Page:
Ellsworth Kelly, Austin (2015). Interior view, facing south. © Ellsworth Kelly Foundation. Photo courtesy of the Blanton Museum of Art, The University of Texas at Austin.

Fairs, Churches and Art World Controversy

Frieze announces a new art fair, Ellsworth Kelly’s chapel is unveiled and the industry faces more questions around harrassment––what’s been going on in the world of art and culture this week?

After considerable speculation Frieze has finally announced its new Los Angeles fair, which will commence in February 2019. The event will be housed in a specially-designed tent in Paramount Studios, with approximately sixty exhibitors (the London version hosts around 300 across the two tents in Regent’s Park). Frieze’s fairs director Victoria Siddall told the Financial Times “a smaller fair means we can do more around it. The intention is to create a week in Los Angeles when people come from all over the world to celebrate its extraordinary art scene.” The announcement may surprise some as the city has a chequered history with art fairs. In 2015 Fiac announced an unrealized launch and Paris Photo failed to endure.

A few states over, the final work by Ellsworth Kelly (who died in 2015) has been unveiled in Austin, Texas. Despite being an atheist, the artist was fascinated by Romanesque church architecture following time spent in active duty in Paris, leading him to build his own house of worship in the grounds of the Blanton Museum of Art. The 2,700-square-foot building contains painstakingly considered stained glass and abstract paintings that reference the stations of the cross. According to Architectural Digest the building is “the only freestanding, permanent structure in Kelly’s oeuvre”.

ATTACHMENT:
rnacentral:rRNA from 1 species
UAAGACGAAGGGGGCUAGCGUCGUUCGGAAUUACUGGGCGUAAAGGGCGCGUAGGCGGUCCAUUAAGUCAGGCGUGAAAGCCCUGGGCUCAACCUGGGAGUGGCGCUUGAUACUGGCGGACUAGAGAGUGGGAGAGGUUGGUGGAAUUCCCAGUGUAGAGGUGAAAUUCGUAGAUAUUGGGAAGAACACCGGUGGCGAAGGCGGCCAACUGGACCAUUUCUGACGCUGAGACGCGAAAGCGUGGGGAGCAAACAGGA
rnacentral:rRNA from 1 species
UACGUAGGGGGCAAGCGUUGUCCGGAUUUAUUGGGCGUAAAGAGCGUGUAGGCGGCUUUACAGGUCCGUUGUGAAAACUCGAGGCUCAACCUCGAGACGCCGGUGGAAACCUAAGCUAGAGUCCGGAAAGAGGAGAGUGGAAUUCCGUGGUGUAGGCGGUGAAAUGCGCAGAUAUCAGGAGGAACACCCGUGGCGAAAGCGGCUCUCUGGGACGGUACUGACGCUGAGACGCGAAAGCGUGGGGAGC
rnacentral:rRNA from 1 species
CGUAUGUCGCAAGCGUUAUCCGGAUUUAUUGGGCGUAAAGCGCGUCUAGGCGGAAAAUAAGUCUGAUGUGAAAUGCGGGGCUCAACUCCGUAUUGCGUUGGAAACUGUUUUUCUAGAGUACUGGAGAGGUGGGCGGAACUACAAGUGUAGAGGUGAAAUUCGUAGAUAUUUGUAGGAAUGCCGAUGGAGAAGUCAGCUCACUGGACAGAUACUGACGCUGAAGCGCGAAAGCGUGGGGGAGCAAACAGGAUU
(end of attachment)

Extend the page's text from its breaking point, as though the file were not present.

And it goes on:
The façade of Ellsworth Kelly’s Austin, 2015
Photo by Rachel Corbett

In more museum news, there has been something of an outcry following the appointment of Giorgio de Finis as the new artistic director of Rome’s Museo d’Arte Contemporanea Roma (Macro). The decision was made without an open recruitment process and the independent curator, artist and writer is known for unorthodox exhibition practices. Notably, in 2012 he worked with the Museo dell’Altro e dell’Altrove di Metropoliz to create an art space occupied illegally by sixty families, many of whom were immigrants, who helped maintain murals and installations by around 200 artists. He told the Art Newspaper that his first exhibition at Macro will transform the museum into an “open laboratory” where “there will be no exhibitions”, instead, “the daily activity of the museum itself will be on show”.

More universal controversy has continued to plague the art world as outcry surrounding Tate’s failure to denounce Anthony d’Offay endures. The museum distanced itself from the influential collector and dealer when multiple claims of sexual harassment first surfaced in January, but has failed to release a statement concerning the fate of the Artist Rooms collection, which he sold to Tate and National Museums Scotland over a decade ago (he maintains considerable creative control). Activist group We Are Not Surprised, who published a letter denouncing the actions of Knight Landesman, former publisher of Artforum, in October have continued to apply pressure on Tate with a series via social media. The Guardian’s Nadja Sayej has given an overview of the art industry’s culture of bullying and harassment.

Top image: Ellsworth Kelly, Austin, 2015 © Ellsworth Kelly Foundation. Courtesy the Blanton Museum of Art, The University of Texas at Austin